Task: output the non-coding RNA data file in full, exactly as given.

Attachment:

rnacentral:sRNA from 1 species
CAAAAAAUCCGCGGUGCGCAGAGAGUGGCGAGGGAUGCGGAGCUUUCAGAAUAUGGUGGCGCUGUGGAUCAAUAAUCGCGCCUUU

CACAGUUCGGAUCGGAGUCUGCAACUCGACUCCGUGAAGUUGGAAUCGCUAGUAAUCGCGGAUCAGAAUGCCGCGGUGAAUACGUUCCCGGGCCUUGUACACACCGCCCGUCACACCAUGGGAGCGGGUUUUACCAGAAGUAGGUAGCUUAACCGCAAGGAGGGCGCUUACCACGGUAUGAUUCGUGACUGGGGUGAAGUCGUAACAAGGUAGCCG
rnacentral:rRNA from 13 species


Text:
rnacentral:sRNA from 1 species
CAAAAAAUCCGCGGUGCGCAGAGAGUGGCGAGGGAUGCGGAGCUUUCAGAAUAUGGUGGCGCUGUGGAUCAAUAAUCGCGCCUUU

CACAGUUCGGAUCGGAGUCUGCAACUCGACUCCGUGAAGUUGGAAUCGCUAGUAAUCGCGGAUCAGAAUGCCGCGGUGAAUACGUUCCCGGGCCUUGUACACACCGCCCGUCACACCAUGGGAGCGGGUUUUACCAGAAGUAGGUAGCUUAACCGCAAGGAGGGCGCUUACCACGGUAUGAUUCGUGACUGGGGUGAAGUCGUAACAAGGUAGCCG
rnacentral:rRNA from 13 species